Accounting 601 Nordstrom Final Project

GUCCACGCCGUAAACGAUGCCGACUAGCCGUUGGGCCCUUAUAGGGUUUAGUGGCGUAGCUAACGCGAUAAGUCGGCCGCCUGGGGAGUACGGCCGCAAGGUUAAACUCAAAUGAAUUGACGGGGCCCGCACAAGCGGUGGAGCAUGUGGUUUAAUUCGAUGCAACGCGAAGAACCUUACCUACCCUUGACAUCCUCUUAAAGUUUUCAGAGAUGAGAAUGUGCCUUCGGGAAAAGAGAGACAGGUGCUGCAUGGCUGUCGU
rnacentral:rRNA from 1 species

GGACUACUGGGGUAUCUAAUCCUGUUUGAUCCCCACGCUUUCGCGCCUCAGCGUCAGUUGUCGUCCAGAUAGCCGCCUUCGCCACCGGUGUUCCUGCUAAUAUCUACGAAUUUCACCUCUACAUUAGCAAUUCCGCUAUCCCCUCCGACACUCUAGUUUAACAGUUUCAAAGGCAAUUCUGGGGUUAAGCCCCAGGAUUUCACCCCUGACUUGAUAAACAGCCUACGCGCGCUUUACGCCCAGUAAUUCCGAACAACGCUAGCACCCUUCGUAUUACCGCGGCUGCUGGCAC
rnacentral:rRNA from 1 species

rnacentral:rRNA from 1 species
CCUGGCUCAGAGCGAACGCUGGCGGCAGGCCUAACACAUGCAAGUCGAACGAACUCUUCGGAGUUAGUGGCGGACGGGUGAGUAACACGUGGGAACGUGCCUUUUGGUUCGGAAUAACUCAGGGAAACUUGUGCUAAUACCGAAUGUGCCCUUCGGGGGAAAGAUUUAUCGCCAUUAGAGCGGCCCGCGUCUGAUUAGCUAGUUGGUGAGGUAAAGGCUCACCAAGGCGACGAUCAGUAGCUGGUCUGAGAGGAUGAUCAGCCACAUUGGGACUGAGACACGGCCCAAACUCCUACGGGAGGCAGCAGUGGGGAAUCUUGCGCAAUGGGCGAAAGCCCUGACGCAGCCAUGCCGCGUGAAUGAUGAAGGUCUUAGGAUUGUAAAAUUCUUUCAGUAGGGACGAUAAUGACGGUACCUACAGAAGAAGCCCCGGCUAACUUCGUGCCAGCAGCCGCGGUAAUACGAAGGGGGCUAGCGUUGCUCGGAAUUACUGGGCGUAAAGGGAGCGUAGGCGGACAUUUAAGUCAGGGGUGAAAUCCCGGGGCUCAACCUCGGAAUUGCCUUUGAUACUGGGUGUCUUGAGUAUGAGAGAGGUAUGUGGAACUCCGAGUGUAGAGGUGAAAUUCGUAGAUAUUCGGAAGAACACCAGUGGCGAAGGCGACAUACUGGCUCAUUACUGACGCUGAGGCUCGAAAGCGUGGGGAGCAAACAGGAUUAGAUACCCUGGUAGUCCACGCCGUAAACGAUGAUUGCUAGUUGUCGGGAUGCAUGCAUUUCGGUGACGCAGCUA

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BACKGROUND Nordstrom was founded in Seattle, Washington in 1901 as a shoe store. John W. Nordstrom partnered with Carl F. Wallin, who owned a shoe repair shop, and opened Wallin and Nordstrom, a shoe store that prided themselves on customer service and selection. Wallin retired in 1929 and sold his shares to the next generation of Nordstroms. Apparel did not debut in the stores until 1963. Nordstrom, as Nordstrom Best (NOBE) went public on the NASDAQ in 1971. A name change occurred in 1973 – Nordstrom – and the ticker was changed to JWN as a tribute to its founder John W. Nordstrom. JWN is now traded on the NYSE. Nordstrom has grown via expansion rather than the retail’s more commonplace method, that of acquisition. Currently, Nordstrom has 225 retail stores in the U.S. Their largest retail concentration is on the East and West Coasts. In 1993 Nordstrom entered the catalog market. Nordstrom’s chief competitors are Bloomingdales, Lord & Taylor, Von Maur, Neiman Marcus and Saks 5th Avenue. ANTICIPATED FUTURE GROWTH The recent downturn of the economy affected all segments of retail however the luxury segment, of which Nordstrom and its competitors are a part, was much more resilient. The worst year appeared to be 2009 with the luxury segment rebounding in 2010 and 2011. The following is a comparison of 2011 sales growth of Nordstrom as compared to several of its competitors: Nordstrom 7.2% Neiman Marcus 7.5% Saks 5th Avenue 6.4% Bloomingdales 5.4% Nordstrom, in its most recent Annual Report, anticipates its same-store sales to be 4 to 6 percent but sets a corporate goal of high single digit Total Sales Growth. Total sales growth is achieved through the expansion of retail space and increased online sales. Same-store sales are sales growth

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